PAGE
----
Constructing An Icon: Exploring The Laborers Who Built The Empire State Building
Overview of Lesson Plan:
In this lesson, students will learn about many types of workers needed for the construction of the Empire State Building. Through research and discussion, students will understand not only what a colossal feat it was to build the world's tallest structure in record time (only thirteen months), but also the extraordinary commitment of the people who built it.
Suggested Time Allowance: 1 hour
- Contemplate the risks involved with building a skyscraper.
- Learn about the many different types of workers needed for such an immense project.
- Research job titles and the responsibilities of those workers.
- Create baseball cards for original workers of the Empire State Building.
- student journals
- classroom board
- resources on the Empire State Building, including history textbooks, encyclopedias, computers with Internet access, etc.
- copies of early photographs of workers on the Empire State Building
- copies of the August 14, 1930 job list of employees present during construction of the Empire State Building
- copies of baseball cards of various formats; for examples of baseball card layouts, try a simple Google Image search for "Baseball Card"
- WARM-UP/DO-NOW: Prior to class, print out and display these photographs of workers on the Empire State Building. Ask students to choose one of the photographs and allow five minutes for them to respond to the following in their journals: "The four photographs in front of you depict laborers working on what was to be the tallest building in the world, the Empire State Building. Create a caption that summarizes what you see in the photograph you have chosen. Then write what you think it must have been like to work under the conditions depicted here. Why would workers risk their lives to work under these conditions?" After students have written responses in their journals, call on several of them to share their thoughts with the class. Record all descriptive words on the board. Prompt students to consider what living and working conditions must have been like during the Great Depression, when the Empire State Building was being constructed.
- Have the class discuss the following, and record their responses on the board: "What types of workers are needed to build a skyscraper?" After a few minutes, hand out the August 14 list of jobs. Read through the job titles, noting ones the class suggested (including those which fit under different titles), as well as those that were not suggested.
- Divide the class into five groups. Each group will be assigned one of the following professions:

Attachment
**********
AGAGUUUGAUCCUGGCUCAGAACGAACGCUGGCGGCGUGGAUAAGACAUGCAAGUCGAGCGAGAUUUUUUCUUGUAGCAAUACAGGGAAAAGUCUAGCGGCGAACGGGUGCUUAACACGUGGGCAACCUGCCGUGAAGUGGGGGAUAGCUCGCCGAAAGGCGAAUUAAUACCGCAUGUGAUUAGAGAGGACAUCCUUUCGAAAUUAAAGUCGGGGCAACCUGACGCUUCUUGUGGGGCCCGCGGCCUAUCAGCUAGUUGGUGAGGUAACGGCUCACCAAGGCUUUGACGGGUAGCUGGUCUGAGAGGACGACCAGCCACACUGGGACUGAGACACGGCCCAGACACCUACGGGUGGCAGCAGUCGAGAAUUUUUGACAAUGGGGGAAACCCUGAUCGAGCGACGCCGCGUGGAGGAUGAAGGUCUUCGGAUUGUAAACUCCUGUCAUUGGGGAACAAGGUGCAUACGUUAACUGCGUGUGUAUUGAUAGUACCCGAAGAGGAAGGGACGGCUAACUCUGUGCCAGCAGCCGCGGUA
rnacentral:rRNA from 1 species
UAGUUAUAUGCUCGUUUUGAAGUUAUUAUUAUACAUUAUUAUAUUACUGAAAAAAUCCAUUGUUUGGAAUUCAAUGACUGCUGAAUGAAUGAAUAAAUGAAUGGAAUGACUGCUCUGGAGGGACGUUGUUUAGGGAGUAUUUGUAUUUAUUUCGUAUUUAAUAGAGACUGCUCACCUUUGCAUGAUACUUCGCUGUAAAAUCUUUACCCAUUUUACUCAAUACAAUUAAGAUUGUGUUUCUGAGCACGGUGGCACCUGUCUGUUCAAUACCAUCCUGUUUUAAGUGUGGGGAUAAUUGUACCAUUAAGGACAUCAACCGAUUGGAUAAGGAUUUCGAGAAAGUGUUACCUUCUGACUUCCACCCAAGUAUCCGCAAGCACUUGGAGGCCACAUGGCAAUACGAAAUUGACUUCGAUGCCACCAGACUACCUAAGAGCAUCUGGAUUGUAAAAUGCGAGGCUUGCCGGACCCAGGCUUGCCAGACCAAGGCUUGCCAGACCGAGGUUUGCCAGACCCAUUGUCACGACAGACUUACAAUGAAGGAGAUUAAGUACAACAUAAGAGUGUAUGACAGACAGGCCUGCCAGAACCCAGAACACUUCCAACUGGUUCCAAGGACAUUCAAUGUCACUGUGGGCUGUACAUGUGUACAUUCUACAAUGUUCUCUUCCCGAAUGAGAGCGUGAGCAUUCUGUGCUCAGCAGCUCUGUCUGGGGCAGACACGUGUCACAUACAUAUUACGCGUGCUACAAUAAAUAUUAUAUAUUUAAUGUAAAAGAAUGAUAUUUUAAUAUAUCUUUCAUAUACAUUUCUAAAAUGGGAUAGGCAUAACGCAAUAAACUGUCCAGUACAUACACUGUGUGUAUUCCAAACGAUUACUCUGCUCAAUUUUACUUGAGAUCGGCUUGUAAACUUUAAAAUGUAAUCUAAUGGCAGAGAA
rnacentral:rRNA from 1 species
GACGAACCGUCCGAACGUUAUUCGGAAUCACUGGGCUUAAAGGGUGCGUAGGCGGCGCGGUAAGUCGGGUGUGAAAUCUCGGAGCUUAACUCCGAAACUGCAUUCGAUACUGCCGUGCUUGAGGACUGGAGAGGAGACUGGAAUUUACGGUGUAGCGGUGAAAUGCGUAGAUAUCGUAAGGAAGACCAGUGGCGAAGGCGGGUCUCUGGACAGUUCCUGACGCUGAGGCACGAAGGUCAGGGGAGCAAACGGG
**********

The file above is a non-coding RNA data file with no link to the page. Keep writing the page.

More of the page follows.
The groups are to research answers to the following:
- In what type of work does your group of laborers specialize? Find a working definition.
- During the construction of the Empire State Building , what specific tasks did your group of laborers perform?
- How many members of your profession were employed during the thirteen-month construction?
- Find statistics to display the amount of work your profession contributed to the building's design (for example, "How many miles of cable were installed?" Or, "How many bricks were laid?")
- Was there a dominant ethnic group in this field?
- If possible, find a photograph displaying a member of your assigned profession working on the Empire State Building, or one that displays the outcome of that profession's work (this will be more challenging for some groups, such as the plumbers).
When research is completed, ask each group to share its findings with the entire class.
- WRAP-UP/HOMEWORK: For homework, have students use the notes they gathered in class to create a baseball-style card for a worker on the Empire State Building. Each card should include a photograph, the worker's name, job title, description of the job, statistics, and any biographical information students wish to add (country of origin, size of family, age, etc.). The workers' names do not have to be the actual names of those who built the building, but should reflect the ethnicities and sounds of those who might have been employed on the Empire State Building. The statistics must come from actual statistics about the building's construction and design (For example: "Charlie Andreasen and his 4-member rivet crew secured 40 rivets/minute, earning $.15/day.")
Further Questions for Discussion:
- What effect do you think the Great Depression had on the speed and the cost of constructing the Empire State Building?